Almost half way through this murder mystery series, I have decided to take a bit of a sinister and unusual turn film-star wise.
The death of 1920s and 1930s star Thelma Todd.
Before a bit of research Ms Todd was fairly unknown to me, yet from 1926 to 1935, she made 120 pictures, starring in comedic roles in films such as ‘Speak Easily’, ‘Monkey Business’ and ‘Horse Feathers’, as well as numerous Laurel and Hardy movies throughout the years.
During the silent years of films, Thelma had numerous supporting roles, but once the talkies began her star truly began to shine. Classed as a “highly capable film comedienne”, she was found dead in her car inside the garage of Jewel Carmen, an actress and former wife of Todd’s lover and business partner, Roland West.
Despite her death being determined as carbon monoxide poisoning, police were curious about whether it was accidental, suicidal or the result of a vicious murder.
One account of the scene read: “The ignition was on, but the engine not running and the door of the garage had been partially open. There were two gallons of fuel inside the car, and a smudged hand print on the door.”
The detectives of the LAPD concluded at first that Todd’s death was accidental, the result of her either warming up the car to drive it or using the heater to keep herself warm. Other evidence however, pointed to foul play, yet the Grand Jury eventually ruled her death as suicide. Since her body was cremated, a second more thorough autopsy could not be carried out and it was also believed that she could have been the target of extortion, but refused to pay. It is also possible that she was locked in the garage by her assailant after she started the car. Blood from a wound was found on her face and dress, leading some to believe that she was knocked unconscious and placed in the car so that she would succumb to carbon monoxide poisoning.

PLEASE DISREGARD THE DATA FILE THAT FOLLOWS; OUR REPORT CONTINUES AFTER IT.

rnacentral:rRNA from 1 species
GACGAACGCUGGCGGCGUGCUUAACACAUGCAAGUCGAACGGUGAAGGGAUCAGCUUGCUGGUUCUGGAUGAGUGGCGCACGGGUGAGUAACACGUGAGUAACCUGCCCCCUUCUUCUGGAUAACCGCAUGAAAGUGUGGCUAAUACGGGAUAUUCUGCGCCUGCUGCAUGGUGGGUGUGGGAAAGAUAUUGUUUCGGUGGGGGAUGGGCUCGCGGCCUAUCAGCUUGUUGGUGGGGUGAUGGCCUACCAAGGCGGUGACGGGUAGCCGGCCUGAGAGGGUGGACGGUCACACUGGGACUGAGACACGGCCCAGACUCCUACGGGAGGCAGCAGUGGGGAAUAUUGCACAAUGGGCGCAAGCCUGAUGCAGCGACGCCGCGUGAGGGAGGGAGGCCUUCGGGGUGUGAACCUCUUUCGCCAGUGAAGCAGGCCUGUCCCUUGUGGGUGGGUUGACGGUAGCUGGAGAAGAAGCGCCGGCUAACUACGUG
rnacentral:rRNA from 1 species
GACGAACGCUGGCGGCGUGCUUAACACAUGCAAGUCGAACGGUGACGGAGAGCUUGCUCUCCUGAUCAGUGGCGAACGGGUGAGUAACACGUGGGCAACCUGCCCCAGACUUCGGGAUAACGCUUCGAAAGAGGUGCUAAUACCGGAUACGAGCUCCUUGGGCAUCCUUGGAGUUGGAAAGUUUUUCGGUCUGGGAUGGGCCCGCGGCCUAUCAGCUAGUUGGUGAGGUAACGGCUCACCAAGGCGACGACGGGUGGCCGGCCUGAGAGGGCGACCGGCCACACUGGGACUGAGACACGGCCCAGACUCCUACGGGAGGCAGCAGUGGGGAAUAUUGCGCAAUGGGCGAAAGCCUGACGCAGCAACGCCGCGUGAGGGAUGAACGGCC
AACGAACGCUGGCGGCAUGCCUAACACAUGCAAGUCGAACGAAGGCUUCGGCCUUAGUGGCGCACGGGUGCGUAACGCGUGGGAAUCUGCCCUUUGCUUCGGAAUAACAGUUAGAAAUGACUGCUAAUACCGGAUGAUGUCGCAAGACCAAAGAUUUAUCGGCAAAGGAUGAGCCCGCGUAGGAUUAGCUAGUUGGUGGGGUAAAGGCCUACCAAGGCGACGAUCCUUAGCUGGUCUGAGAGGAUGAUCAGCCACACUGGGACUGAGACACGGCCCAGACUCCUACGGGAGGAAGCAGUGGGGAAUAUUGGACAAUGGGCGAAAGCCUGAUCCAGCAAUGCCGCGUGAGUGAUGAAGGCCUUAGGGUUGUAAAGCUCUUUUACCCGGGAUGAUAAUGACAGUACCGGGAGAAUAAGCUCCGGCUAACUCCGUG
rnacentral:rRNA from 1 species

Once described as the “Ice-Cream Blonde”, Thelma once scandalised her local community by refusing to wear underwear. Sadly, she was only 29 years of age when she died, her death still described one of the greatest-ever Hollywood whodunnits.